Slowly abandoning Diablo 3

zinho73

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As I write this I have played something like 40 to 45 hours of Diablo 3. This is quite a feat for a game, as I simply don?t have the time these days to spend on that much gaming. So D3 must be a really great game that truly grabbed me by the balls, right?

More or less, the truth is, my first feel of the game was one of disappointment. I was playing it with a strong sensation that it would get better as I played it, but I just found that I felt just the opposite: the more I played, the more I asked myself why I was playing.

The first obvious thing that bothered me was the always online thingy. Living in Brasil, I?m far enough from the servers to have guaranteed lag with an uncomfortable frequency. And I also had my share of disconnects (today even, two times), losing progress at key times. People tell me that this is all standard for an online game, but I?m an old geezer that likes to play his games whenever I want to. So it bothered me, but, hey, already bought it, right? I continued to play.

Second thing: the story. It is not that great to begin with (although the cutscenes are great), and from Nightmare on it kinds of get in the way. I found myself hitting the space bar with more vigor than my left button on the mouse. Minor annoyance, very personal, not a reason to stop playing, so I continued.

Third thing: the skill system. About level 20 I stop caring when I leveled up. Almost always the things that were unlocked were not the things I was using and I was fine using them. I discovered that the skill system does not offer a sense of progression. It adds variety, but do not evolve. There are no pre-requisites, no stats to allocate, no synergies with weapons or gear, there is nothing to aim for. It boils down to personal preferences or specific setups like when in coop or boss raids. So I changed when I was going to fight a boss or when going to participate in jolly cooperation. In the beginning I was quite excited to get a new rune or skill, because the beginning of the game is really boring and you are just hurting for anything to happen, but my hard on eventually went away.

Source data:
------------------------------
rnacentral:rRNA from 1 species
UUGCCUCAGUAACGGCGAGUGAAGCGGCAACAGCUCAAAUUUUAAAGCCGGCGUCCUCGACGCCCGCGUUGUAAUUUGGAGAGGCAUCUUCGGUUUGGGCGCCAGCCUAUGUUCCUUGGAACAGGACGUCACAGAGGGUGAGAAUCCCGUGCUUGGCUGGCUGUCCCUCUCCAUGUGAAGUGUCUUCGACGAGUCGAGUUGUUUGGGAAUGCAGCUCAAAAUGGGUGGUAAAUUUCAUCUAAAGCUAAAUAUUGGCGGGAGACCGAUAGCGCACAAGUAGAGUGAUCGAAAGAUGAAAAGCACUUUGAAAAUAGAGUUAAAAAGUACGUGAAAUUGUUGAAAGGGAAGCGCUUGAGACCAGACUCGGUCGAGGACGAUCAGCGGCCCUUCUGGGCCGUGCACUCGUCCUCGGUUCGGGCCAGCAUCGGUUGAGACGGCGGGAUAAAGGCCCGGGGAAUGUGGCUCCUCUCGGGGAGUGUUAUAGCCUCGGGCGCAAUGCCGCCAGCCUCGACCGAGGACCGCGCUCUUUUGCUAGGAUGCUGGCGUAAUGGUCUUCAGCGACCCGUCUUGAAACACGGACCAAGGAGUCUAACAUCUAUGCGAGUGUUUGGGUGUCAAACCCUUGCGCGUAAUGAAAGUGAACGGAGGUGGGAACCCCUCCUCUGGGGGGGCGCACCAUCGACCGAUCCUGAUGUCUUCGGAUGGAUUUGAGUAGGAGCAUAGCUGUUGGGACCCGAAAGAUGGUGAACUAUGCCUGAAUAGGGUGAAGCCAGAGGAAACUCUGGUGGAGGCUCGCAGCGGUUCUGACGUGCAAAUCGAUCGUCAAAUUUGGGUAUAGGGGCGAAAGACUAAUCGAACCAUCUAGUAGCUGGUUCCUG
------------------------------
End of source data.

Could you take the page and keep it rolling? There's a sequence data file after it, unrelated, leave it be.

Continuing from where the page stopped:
I guess this system is all right for a superfast game like DOTA, in which you do not have time to think about your progression, but it ended up taking something away from the game. But it is a solid system and by level 60 I would sure have so many possibilities that my mind would explode with excitement, so I continued playing? But now less so. I also scratched my head in order to find a reason to roll another Char of the same class again. Couldn?t find any reasonable one (the achievement is not reasonable).

Fourth: the gear. My first character was a witch doctor. After half an hour playing I realized that, although I was equipped with a sword, I was still spitting from a zarabatana. Look, if you wanna my character to throw pots at people, please make her use a pot as a weapon. It would actually be a cool, unique, original weapon. Once I realized all magic stuff was related with weapon DMG (any weapon), I felt my immersion going away, I quickly switched to a Demon Hunter so I could not see this aberration anymore.

Fifth: the loot. One thing is the character using a sword to throw pots. Unsettling, but I could live with it. The other thing is the loot itself being uneventful. By level 30 I wasn?t even ?opening? the little yellow packages of rare loot on the spot. I was waiting until my inventory was full to sort things out. The thing is, as a Demon Hunter, the only really useful stuff were the ones that added DEX and VIT, also, most of the blue loot is fantastic and the yellow stuff seemed better suited for maybe two levels ago. I found two uniques that were garbage. Also, bosses were pretty disappointing the second time around. Well, there are a lot of posts on the net talking in detail about the itemization of the game, and I agree with most of them: it is lacking. It is too homogeneous and feels uninspired. Weapons should have had unique attributes or bonuses for certain classes to make more of them viable (and viable for different reasons), blues should be less powerful, uniques should have been way more powerful.